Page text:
This appeal from convictions of child molestation and furnishing alcohol to a minor challenges the sufficiency of the state's notice of its intent to introduce similar transaction evidence, the court's rulings on the scope of cross-examination of state witnesses, and the jury charges on similar transactions and child molestation. We find no reversible error by the trial court and therefore affirm the convictions.
Charles Bean was indicted for child molestation by masturbating in the presence of the victim, sodomy by placing his mouth on the victim's penis, aggravated child molestation also for placing his mouth on the victim's penis, interference with child custody and furnishing alcohol to a minor. Bean denied the charges, and the case was set for a jury trial. Before trial, the court dismissed the charge of interfering with child custody.
The case proceeded to trial on the remaining charges. The victim testified that when he was 11, Bean touched his "private parts." He further testified that when he was 15, Bean gave him beer, played games of "strip pool" with him during which the loser of each game had to remove his clothes, sat naked with him in a hot tub, showed him a pornographic movie, fondled the victim's penis, performed oral sex on him and masturbated in front of him.
The state presented two similar transaction witnesses. The first witness testified that when he was 21, Bean played a game of "strip pool" with him, sat nude with him in Bean's hot tub, showed him his penis, and asked if the witness wanted to watch a pornographic movie and masturbate. The other witness testified that when he was 13, Bean asked him to play "strip pool" and twice touched his penis.
Bean presented witnesses who testified about his good character and reputation for honesty. Bean then testified, denying the allegations of the victim and the similar transaction witnesses regarding his sexual conduct with them. He further claimed that he did not provide alcohol to the victim.
The state then introduced a rebuttal witness who testified that when he was 16, he spent the night at Bean's house. Bean insisted that the teenager sleep in the same bed with Bean. During the night Bean touched the teenager's penis and placed the teenager's hand on Bean's penis.
The jury returned its verdict, finding Bean guilty of child molestation and of furnishing alcohol to the victim, but not guilty of the remaining charges. The court sentenced Bean to serve ten years in prison followed by ten years on probation for child molestation, with a concurrent sentence of twelve months imprisonment for furnishing alcohol to a minor. Bean appeals from his convictions.
1. Bean argues the court erred in allowing the victim to testify that Bean touched his penis when he was 11 because the state had not given Bean notice, as required by Uniform Superior Court Rules 31.1 and 31.3, of its intention to introduce this similar transaction evidence. 1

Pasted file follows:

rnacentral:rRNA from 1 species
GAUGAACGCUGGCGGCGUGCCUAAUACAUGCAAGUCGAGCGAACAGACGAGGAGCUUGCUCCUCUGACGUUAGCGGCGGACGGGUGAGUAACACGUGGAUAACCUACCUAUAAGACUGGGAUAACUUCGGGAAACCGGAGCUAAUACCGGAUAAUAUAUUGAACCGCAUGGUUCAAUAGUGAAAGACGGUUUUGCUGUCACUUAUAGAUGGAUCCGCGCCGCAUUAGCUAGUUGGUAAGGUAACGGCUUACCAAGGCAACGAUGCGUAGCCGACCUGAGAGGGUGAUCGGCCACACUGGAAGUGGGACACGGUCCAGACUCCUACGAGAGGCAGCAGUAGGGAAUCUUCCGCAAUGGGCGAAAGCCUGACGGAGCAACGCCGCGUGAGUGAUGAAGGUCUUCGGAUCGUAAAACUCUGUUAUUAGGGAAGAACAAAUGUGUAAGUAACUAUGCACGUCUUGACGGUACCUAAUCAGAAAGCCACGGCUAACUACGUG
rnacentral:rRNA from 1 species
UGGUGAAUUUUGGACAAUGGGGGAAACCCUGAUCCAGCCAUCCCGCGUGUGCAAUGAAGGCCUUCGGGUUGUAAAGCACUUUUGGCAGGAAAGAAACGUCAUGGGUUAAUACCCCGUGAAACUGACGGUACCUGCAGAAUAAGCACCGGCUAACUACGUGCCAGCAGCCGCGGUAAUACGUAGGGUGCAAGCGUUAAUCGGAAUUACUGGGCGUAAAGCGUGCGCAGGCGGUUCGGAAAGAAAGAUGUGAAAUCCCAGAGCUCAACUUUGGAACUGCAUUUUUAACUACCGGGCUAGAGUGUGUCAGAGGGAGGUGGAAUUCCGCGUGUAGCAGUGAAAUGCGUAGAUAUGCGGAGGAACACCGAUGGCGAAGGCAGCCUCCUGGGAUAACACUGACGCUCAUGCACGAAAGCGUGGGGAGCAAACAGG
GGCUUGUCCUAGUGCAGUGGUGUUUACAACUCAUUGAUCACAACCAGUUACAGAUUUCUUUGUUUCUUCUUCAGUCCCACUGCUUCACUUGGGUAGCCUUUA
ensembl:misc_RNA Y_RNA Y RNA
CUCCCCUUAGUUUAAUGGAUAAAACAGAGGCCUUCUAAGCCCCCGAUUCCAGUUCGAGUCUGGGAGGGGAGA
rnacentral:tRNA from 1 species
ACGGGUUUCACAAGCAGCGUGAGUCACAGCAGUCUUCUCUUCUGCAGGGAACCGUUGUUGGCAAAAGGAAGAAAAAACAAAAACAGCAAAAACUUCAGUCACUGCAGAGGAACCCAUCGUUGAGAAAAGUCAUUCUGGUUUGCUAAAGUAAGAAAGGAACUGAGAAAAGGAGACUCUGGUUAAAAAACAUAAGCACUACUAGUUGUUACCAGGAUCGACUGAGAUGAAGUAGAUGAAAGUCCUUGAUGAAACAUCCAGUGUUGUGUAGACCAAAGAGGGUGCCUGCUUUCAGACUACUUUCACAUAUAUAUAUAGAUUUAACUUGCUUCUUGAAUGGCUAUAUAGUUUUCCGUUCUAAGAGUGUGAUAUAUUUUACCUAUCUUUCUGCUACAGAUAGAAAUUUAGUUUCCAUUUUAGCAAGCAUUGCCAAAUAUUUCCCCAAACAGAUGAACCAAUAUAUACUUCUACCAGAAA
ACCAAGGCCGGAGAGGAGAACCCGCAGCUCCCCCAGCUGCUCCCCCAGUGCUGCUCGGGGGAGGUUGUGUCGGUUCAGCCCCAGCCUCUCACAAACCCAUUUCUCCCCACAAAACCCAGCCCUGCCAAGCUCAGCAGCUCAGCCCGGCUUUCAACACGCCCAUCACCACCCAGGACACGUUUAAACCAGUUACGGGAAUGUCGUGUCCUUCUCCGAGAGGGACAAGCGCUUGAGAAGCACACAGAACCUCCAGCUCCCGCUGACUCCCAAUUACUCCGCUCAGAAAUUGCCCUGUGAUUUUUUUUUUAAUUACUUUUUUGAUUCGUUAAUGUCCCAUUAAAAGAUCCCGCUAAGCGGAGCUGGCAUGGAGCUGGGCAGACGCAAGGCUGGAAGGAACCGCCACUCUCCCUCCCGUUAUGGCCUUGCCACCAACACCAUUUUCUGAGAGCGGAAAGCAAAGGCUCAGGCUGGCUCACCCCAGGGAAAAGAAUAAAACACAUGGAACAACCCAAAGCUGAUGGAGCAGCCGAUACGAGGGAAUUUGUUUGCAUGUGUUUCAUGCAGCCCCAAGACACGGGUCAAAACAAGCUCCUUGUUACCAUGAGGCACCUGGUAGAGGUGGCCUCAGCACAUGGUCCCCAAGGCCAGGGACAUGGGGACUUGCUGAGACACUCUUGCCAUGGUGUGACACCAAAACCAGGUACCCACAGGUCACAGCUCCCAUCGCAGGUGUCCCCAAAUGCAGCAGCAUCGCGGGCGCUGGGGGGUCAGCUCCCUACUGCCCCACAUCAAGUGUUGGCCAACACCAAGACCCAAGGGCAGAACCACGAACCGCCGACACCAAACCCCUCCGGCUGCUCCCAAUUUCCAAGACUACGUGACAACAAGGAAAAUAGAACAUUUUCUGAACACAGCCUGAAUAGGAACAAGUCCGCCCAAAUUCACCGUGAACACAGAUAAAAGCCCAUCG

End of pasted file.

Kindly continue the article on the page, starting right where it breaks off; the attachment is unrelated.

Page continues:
The Supreme Court has ruled that USCR 31.1 and 31.3 do not apply to instances of prior difficulties between a defendant and a victim. Wall v. State, 269 Ga. 506
, 507-509 (2) (500 SE2d 904
) (1998). Bean's argument is therefore without merit. See Smith v. State, 270 Ga. 123
, 124 (2) (508 SE2d 173
Moreover, it is apparent from the record that Bean was not surprised by the victim's testimony because Bean filed a motion in limine to exclude testimony by the victim that Bean had molested him several years before the molestation charged in this case. Absent harm, Bean has shown no reversible error in the admission of the testimony. See Martin v. State, 219 Ga. App. 277
, 280 (2) (b) (464 SE2d 872
2. Bean complains that the court should not have allowed the two similar transaction witnesses to testify because the state failed to give him proper notice of its intention to introduce such testimony. 2
The complaint is without merit.
The purpose of requiring the state to give notice of its intention to introduce evidence of similar transactions is to provide the defendant an opportunity to raise questions of the admissibility of such evidence before trial. Davidson v. State, 232 Ga. App. 250
, 251 (1) (501 SE2d 510
) (1998); Tenant v. State, 229 Ga. App. 20
, 22 (a) (492 SE2d 909
) (1997) (physical precedent). In the instant case, the purpose of the notice requirement was fulfilled because Bean had sufficient notice and opportunity to raise his questions regarding the admissibility of the similar transaction evidence before trial.
The state gave Bean written notice more than ten days before trial of its intention to present evidence from the first similar transaction witness regarding Bean's solicitation of mutual masturbation in September 1996 and from the second witness regarding incidents of child molestation by Bean from 1979 through 1982. Bean then filed a motion in limine regarding the similar transaction testimony. In his motion, Bean expressly referred to a law enforcement investigator's written summaries of interviews he had conducted with both witnesses. Bean stated in his motion in limine that the first witness told the investigator that Bean had suggested that they watch pornographic tapes and masturbate, and that Bean had shown him his penis. Bean further stated in his motion in limine that the second witness claimed that when he was thirteen, Bean, amongst other things, had touched his penis two or three times. Thereafter, at the similar transaction hearing, the prosecutor made proffers of the witnesses' expected testimony that were almost identical to Bean's motion in limine summaries of the statements of the witnesses.
As evidenced by his motion in limine, Bean was fully aware of the details of the similar transaction witnesses' allegations, he had an opportunity to challenge the admissibility of their testimony before trial, and he was not surprised or unfairly prejudiced by the testimony at trial. See Parrish v. State, 237 Ga. App. 274
, 279-280 (4) (514 SE2d 458
) (1999); Tenant, supra. The trial court therefore did not err in allowing the similar transaction evidence.
3. Bean asserts that, even though the court charged the jury on the limited purpose of the similar transaction testimony as part of its general charge at the end of the trial, the court erred in not giving such a charge contemporaneous with the admission of the similar transaction testimony. Bean claims he requested such a contemporaneous charge and cites his motion in limine in support of that claim. While Bean's motion in limine does request a similar transaction jury charge, it does not ask that the court give the charge contemporaneously with the admission of the evidence. Moreover, our review of the trial transcript of the two similar transaction witnesses' testimony reveals that Bean did not request a contemporaneous charge before, during or after their testimony. Thus, contrary to Bean's assertion, it does not appear he ever requested that the court give a similar transaction charge contemporaneous with the admission of such evidence.